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SPILLAGE

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Spillage from Overhead Conveyor

Spillage is fugitive material that falls from the carry side of the conveyor belt, and it is most common around the load zone, but can occur anywhere along the line of the belt. 

Spillage often falls on walkways running beside or underneath the conveyor. Spillage can become a drop hazard if spillage falls in lump from a height. Slips, trips and fall risks are increased in areas where there is material spillage on the walkway, which can also create an entanglement risk.   

The force with which spillage hits the ground, increases material fracture which increases airborne dust. Depending on the environment, spillage can also contaminate the surrounding area of other materials being conveyed (for example, ship loader facilities where more than one product is being conveyed).

Spillage becomes part of a continuous cycle; misalignment causes spillage, and spillage causes misalignment as the friction on the idler and belt changes, causing the misaligning of the belt. 

Fugitive material may bury idlers, conveyor components, or structural supports, requiring costly clean-up labour and replacement parts. Spillage, in particular, leads to material build-up around idlers, which can cause idlers to seize and increase friction on the belt. 

Effective control of the spillage can be considered in three stages: loading zone containment, preventing the escape of fugitive material from the carry side of the belt, and controlling the discharge of the material.

Containment at the loading zone can be effectively achieved first by designing the belt to be troughed at the load zone. This works in conjunction with the installation of an effective sealing and skirting system. Other important factors in containing fugitive material include belt support and most importantly, effective and consistent maintenance.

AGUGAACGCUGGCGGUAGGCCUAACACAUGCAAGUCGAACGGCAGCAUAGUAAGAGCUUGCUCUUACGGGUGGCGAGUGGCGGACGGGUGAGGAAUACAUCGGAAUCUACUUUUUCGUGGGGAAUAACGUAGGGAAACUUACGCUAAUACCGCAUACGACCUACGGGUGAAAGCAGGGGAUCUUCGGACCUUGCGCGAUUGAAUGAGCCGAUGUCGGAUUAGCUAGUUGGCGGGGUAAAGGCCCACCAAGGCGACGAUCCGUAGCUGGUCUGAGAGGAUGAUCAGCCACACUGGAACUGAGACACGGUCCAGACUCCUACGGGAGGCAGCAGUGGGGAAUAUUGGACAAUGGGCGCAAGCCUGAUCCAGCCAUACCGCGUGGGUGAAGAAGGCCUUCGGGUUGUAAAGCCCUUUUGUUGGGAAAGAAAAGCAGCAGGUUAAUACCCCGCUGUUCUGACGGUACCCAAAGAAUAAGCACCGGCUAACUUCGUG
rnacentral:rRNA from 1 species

To prevent the escape of fugitive material from the carry side of the belt, the belt should be monitored closely for belt wandering or misalignment, which is a major cause of spillage. Belt wander creates interruptions in production as the belt must be stopped, repaired, and retrained prior to resuming operations. In order for a belt to track in the centre, idlers and pulleys should be aligned, levelled and square to centre line prior to loading the belt. The correct loading of the belt should be distributed in the centre of the belt. In order to install belt tracking or training devices, the belt needs to be monitored in order to identify problem areas that cannot be solved by making adjustments. Once again, the belt should be consistently monitored and maintained for continued prevention of spillage. 

Conveyor cleaning at the discharge points removes excess material fines from the conveyor to reduce carryback that falls along the return strand of the conveyor belt, carryback can damage the conveyor structure, increasing the likelihood of spillage.

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References

Spillage Control on Belt Conveyor Systems
R.S. Drohan, Chief Executive
Ace Conveyor Equipment LTD, England

Foundations 4 Book

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